7. LETHALFORCE

    LETHALFORCE Moderator Moderator

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    Many increase in troops by India may have Pakistan pressure USA by being uncooperative, few alternative supply routes to Afghanistan have been found but Pakistan is still the cheapest way to transport goods and weapons, with the USA surge taking place I don't think USA want to take this risk. But the offer is still on the table, but we need to stay there even after the Americans/Nato leave.

    http://pakistankakhudahafiz.wordpress.com/2010/03/06/india-to-send-more-troops-to-afghanistan/


    India to send more troops to Afghanistan
    March 6, 2010

    The recent killing of RAW agents in Kabul attack has exposed Indian activities in Afghanistan. The Indian media avoided to highlight or protest the killings, out of fear of exposure of Indian designs against Pakistan. Now Indian government clearly said it is sending more troops to protect RAW assets.

    NEW DELHI: India on Tuesday said Afghanistan remained a “vulnerable” area for Indian assets as the government plans to provide more and better security to its nationals posted in the war-ravaged country.

    “There were intelligence alerts that Indian assets may be targeted, following which adequate steps were taken but Afghanistan is a vulnerable area,” home minister P Chidambaram said on Friday’s attack in Kabul in which six Indians died.

    Chidambaram’s comments come close on the heels of a government move to send another contingent of Indo-Tibetan Border Police (ITBP) personnel to strengthen security of Indian interests in Afghanistan.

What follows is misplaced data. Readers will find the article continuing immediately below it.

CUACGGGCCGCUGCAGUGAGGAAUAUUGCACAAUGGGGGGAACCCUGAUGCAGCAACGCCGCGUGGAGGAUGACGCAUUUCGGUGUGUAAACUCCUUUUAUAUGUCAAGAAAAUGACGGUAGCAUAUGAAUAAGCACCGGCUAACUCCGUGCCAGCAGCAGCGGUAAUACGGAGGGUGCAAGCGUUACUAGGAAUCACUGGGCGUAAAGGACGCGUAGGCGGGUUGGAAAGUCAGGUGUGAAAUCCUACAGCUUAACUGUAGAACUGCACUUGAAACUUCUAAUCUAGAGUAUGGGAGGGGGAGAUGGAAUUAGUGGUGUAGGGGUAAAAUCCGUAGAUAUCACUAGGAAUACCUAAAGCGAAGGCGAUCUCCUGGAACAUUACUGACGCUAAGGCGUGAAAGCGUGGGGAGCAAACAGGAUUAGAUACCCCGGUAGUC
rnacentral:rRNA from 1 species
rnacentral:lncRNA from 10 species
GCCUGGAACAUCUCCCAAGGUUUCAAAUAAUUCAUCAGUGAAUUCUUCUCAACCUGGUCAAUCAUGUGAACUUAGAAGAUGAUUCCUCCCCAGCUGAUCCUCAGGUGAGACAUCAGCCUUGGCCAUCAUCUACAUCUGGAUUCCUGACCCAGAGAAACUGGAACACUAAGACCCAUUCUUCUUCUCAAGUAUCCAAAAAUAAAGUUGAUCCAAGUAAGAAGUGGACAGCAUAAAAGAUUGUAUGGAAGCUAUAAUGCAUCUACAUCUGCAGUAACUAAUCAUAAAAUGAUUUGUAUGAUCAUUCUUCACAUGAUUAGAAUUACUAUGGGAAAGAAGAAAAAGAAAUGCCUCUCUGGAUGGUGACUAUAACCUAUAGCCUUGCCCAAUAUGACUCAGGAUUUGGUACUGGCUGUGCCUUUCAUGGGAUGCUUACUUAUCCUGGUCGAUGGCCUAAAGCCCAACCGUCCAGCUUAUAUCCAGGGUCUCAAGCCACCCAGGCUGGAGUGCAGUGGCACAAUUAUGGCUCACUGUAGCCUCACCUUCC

Sources here said the Afghanistan government has agreed to the Indian demand of sending more security forces to guard vital installations and ongoing development projects, which have become the target of terror groups operating in the region.

    The home ministry is also planning to move Indian officials, including doctors, to safer locations in Afghanistan after terrorists struck at two hotels in which Indians engaged in development and reconstruction works were staying, the sources said.

    Realising that the Taliban and their associates have started targeting Indian officials who are in the field and are vulnerable, India has begun a review of their security. There are about 4,000 Indians engaged in such projects — being implemented as part of India’s development assistance to the tune of $1.3 billion to Afghanistan. A team of investigators is already in Kabul, joining a probe being conducted by Afghan authorities into last Friday’s terror attack.
     
    Last edited: Mar 6, 2010
  8. Sabir

    Sabir DFI TEAM Senior Member